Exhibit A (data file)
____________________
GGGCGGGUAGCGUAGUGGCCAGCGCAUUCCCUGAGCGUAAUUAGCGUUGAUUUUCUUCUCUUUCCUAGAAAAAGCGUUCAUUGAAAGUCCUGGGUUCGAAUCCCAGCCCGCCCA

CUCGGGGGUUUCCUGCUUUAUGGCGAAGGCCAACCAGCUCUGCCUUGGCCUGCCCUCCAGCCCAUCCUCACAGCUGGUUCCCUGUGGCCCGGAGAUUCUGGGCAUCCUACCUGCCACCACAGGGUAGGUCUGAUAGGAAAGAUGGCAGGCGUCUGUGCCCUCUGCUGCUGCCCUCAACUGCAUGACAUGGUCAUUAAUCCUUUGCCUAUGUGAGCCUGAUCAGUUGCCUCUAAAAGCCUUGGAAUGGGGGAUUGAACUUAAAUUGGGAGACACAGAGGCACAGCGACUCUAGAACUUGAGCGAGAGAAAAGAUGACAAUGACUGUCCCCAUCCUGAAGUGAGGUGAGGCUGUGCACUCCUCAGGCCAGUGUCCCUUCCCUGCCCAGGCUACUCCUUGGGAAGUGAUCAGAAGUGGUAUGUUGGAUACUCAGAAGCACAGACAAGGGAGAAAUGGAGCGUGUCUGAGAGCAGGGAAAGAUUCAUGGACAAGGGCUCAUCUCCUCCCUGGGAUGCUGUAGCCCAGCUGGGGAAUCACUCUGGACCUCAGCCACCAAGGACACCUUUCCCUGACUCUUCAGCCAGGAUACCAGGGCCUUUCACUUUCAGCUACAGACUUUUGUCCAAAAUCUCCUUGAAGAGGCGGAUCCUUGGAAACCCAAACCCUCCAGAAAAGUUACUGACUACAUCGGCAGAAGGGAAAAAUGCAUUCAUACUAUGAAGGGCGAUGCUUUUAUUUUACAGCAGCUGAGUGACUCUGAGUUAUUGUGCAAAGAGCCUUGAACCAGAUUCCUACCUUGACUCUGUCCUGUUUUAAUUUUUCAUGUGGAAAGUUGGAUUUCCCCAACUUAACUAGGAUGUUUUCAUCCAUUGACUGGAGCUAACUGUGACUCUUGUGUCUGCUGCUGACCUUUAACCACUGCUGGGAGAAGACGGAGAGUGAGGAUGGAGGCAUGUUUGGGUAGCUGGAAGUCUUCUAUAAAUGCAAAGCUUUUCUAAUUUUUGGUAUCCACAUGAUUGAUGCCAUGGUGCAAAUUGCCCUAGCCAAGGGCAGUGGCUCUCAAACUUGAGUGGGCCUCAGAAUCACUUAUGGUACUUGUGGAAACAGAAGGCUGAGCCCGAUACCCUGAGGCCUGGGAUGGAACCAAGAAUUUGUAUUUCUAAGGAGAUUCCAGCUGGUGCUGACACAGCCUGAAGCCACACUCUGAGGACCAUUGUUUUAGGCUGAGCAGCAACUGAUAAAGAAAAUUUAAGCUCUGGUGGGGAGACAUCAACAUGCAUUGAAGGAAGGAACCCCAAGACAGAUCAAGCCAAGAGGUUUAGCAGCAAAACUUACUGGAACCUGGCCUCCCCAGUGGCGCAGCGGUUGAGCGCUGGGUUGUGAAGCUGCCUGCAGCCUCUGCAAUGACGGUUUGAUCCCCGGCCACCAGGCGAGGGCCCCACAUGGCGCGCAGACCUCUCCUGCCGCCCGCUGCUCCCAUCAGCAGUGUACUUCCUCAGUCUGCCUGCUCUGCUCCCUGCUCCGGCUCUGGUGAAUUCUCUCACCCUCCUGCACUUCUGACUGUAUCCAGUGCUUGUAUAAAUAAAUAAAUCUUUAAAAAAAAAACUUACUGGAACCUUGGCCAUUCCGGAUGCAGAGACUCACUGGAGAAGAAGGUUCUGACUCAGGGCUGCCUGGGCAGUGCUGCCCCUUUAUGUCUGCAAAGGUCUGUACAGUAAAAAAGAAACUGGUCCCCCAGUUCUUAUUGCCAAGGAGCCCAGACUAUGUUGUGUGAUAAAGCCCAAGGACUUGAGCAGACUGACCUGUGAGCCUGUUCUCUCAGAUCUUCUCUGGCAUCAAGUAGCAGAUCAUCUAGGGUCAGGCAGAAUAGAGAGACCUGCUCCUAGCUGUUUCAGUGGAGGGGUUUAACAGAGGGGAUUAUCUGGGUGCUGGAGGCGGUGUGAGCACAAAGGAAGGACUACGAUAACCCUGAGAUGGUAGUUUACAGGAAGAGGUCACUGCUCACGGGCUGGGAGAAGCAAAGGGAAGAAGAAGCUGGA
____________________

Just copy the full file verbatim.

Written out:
GGGCGGGUAGCGUAGUGGCCAGCGCAUUCCCUGAGCGUAAUUAGCGUUGAUUUUCUUCUCUUUCCUAGAAAAAGCGUUCAUUGAAAGUCCUGGGUUCGAAUCCCAGCCCGCCCA

CUCGGGGGUUUCCUGCUUUAUGGCGAAGGCCAACCAGCUCUGCCUUGGCCUGCCCUCCAGCCCAUCCUCACAGCUGGUUCCCUGUGGCCCGGAGAUUCUGGGCAUCCUACCUGCCACCACAGGGUAGGUCUGAUAGGAAAGAUGGCAGGCGUCUGUGCCCUCUGCUGCUGCCCUCAACUGCAUGACAUGGUCAUUAAUCCUUUGCCUAUGUGAGCCUGAUCAGUUGCCUCUAAAAGCCUUGGAAUGGGGGAUUGAACUUAAAUUGGGAGACACAGAGGCACAGCGACUCUAGAACUUGAGCGAGAGAAAAGAUGACAAUGACUGUCCCCAUCCUGAAGUGAGGUGAGGCUGUGCACUCCUCAGGCCAGUGUCCCUUCCCUGCCCAGGCUACUCCUUGGGAAGUGAUCAGAAGUGGUAUGUUGGAUACUCAGAAGCACAGACAAGGGAGAAAUGGAGCGUGUCUGAGAGCAGGGAAAGAUUCAUGGACAAGGGCUCAUCUCCUCCCUGGGAUGCUGUAGCCCAGCUGGGGAAUCACUCUGGACCUCAGCCACCAAGGACACCUUUCCCUGACUCUUCAGCCAGGAUACCAGGGCCUUUCACUUUCAGCUACAGACUUUUGUCCAAAAUCUCCUUGAAGAGGCGGAUCCUUGGAAACCCAAACCCUCCAGAAAAGUUACUGACUACAUCGGCAGAAGGGAAAAAUGCAUUCAUACUAUGAAGGGCGAUGCUUUUAUUUUACAGCAGCUGAGUGACUCUGAGUUAUUGUGCAAAGAGCCUUGAACCAGAUUCCUACCUUGACUCUGUCCUGUUUUAAUUUUUCAUGUGGAAAGUUGGAUUUCCCCAACUUAACUAGGAUGUUUUCAUCCAUUGACUGGAGCUAACUGUGACUCUUGUGUCUGCUGCUGACCUUUAACCACUGCUGGGAGAAGACGGAGAGUGAGGAUGGAGGCAUGUUUGGGUAGCUGGAAGUCUUCUAUAAAUGCAAAGCUUUUCUAAUUUUUGGUAUCCACAUGAUUGAUGCCAUGGUGCAAAUUGCCCUAGCCAAGGGCAGUGGCUCUCAAACUUGAGUGGGCCUCAGAAUCACUUAUGGUACUUGUGGAAACAGAAGGCUGAGCCCGAUACCCUGAGGCCUGGGAUGGAACCAAGAAUUUGUAUUUCUAAGGAGAUUCCAGCUGGUGCUGACACAGCCUGAAGCCACACUCUGAGGACCAUUGUUUUAGGCUGAGCAGCAACUGAUAAAGAAAAUUUAAGCUCUGGUGGGGAGACAUCAACAUGCAUUGAAGGAAGGAACCCCAAGACAGAUCAAGCCAAGAGGUUUAGCAGCAAAACUUACUGGAACCUGGCCUCCCCAGUGGCGCAGCGGUUGAGCGCUGGGUUGUGAAGCUGCCUGCAGCCUCUGCAAUGACGGUUUGAUCCCCGGCCACCAGGCGAGGGCCCCACAUGGCGCGCAGACCUCUCCUGCCGCCCGCUGCUCCCAUCAGCAGUGUACUUCCUCAGUCUGCCUGCUCUGCUCCCUGCUCCGGCUCUGGUGAAUUCUCUCACCCUCCUGCACUUCUGACUGUAUCCAGUGCUUGUAUAAAUAAAUAAAUCUUUAAAAAAAAAACUUACUGGAACCUUGGCCAUUCCGGAUGCAGAGACUCACUGGAGAAGAAGGUUCUGACUCAGGGCUGCCUGGGCAGUGCUGCCCCUUUAUGUCUGCAAAGGUCUGUACAGUAAAAAAGAAACUGGUCCCCCAGUUCUUAUUGCCAAGGAGCCCAGACUAUGUUGUGUGAUAAAGCCCAAGGACUUGAGCAGACUGACCUGUGAGCCUGUUCUCUCAGAUCUUCUCUGGCAUCAAGUAGCAGAUCAUCUAGGGUCAGGCAGAAUAGAGAGACCUGCUCCUAGCUGUUUCAGUGGAGGGGUUUAACAGAGGGGAUUAUCUGGGUGCUGGAGGCGGUGUGAGCACAAAGGAAGGACUACGAUAACCCUGAGAUGGUAGUUUACAGGAAGAGGUCACUGCUCACGGGCUGGGAGAAGCAAAGGGAAGAAGAAGCUGGA